N.J. Court Says Williams Can Be Retried

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By JEFFREY GOLD
The Associated Press
Friday, April 21, 2006; 6:17 PM

NEWARK, N.J. -- A New Jersey appeals court ruled Friday that former NBA star Jayson Williams can be retried on a reckless manslaughter charge in the shooting death of a limousine driver at the athlete's mansion.

The retired New Jersey Nets star had sought to avoid a second trial, contending it would be double jeopardy.

Williams, 38, has been free on bail since his April 2004 conviction on four charges stemming from an attempt to cover up the 2002 shooting. The jury acquitted Williams of the most serious offense, aggravated manslaughter, but deadlocked on a charge of reckless manslaughter.

Williams spokeswoman Judy Smith said the athlete will appeal the ruling. Prosecutor Steven C. Lember did not immediately return a call.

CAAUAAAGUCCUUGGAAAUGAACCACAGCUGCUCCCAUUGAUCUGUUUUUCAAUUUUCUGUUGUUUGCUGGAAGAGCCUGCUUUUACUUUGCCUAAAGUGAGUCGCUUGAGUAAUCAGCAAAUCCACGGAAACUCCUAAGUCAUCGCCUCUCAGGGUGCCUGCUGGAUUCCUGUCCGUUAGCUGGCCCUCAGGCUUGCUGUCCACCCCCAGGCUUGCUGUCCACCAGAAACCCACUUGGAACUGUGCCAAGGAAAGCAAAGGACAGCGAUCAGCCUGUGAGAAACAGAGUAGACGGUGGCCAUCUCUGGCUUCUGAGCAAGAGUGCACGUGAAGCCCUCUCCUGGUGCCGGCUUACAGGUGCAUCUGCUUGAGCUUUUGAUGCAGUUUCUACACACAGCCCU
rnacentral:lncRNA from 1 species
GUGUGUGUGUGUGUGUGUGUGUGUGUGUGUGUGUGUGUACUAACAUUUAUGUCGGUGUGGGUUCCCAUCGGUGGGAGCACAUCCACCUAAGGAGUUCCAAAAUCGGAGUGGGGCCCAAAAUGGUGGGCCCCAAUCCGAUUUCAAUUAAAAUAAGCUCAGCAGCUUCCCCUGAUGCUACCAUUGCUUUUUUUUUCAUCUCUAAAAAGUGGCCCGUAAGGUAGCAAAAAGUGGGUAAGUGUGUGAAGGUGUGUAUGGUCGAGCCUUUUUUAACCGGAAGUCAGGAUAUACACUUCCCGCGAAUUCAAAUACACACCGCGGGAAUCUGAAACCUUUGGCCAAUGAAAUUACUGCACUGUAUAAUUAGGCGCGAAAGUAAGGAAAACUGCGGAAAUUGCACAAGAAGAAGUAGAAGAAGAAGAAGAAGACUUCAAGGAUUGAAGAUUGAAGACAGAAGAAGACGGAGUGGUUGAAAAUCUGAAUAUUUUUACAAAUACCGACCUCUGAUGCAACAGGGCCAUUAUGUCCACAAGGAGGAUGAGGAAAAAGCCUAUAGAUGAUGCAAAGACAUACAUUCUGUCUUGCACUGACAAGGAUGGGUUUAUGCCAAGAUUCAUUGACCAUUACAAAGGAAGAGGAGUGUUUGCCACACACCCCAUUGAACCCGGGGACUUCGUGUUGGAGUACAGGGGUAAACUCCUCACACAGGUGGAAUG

Prosecutors have said Williams was handling the gun recklessly when it went off and killed Costas "Gus" Christofi, 55. Testimony showed that Williams wiped down the weapon and put it in Christofi's hands, stripped off his own clothes and jumped into his pool.

The defense maintained that the shooting was an accident, and that Williams panicked afterward.

The three-judge appeals panel disagreed that another trial would amount to double jeopardy, or being tried twice for the same crime. The panel agreed with the trial judge, Edward M. Coleman, that the case "isn't really a second prosecution, it is a continuation of the same prosecution."

The panel also said it is impossible to determine what evidence the jury used to support its acquittal on the aggravated manslaughter charge.

Williams' sentencing on the cover-up charges has been on hold until the retrial issue and other matters are resolved. Williams, who retired from the Nets in 2000, also plans to appeal those convictions.

Collectively, the four charges carry up to 13 years in prison, but the actual term would probably range from probation to about five years. Reckless manslaughter can bring up to 10 years behind bars.

___

On the Net:

Opinion: http://www.judiciary.state.nj.us/opinions/a2724-04.pdf


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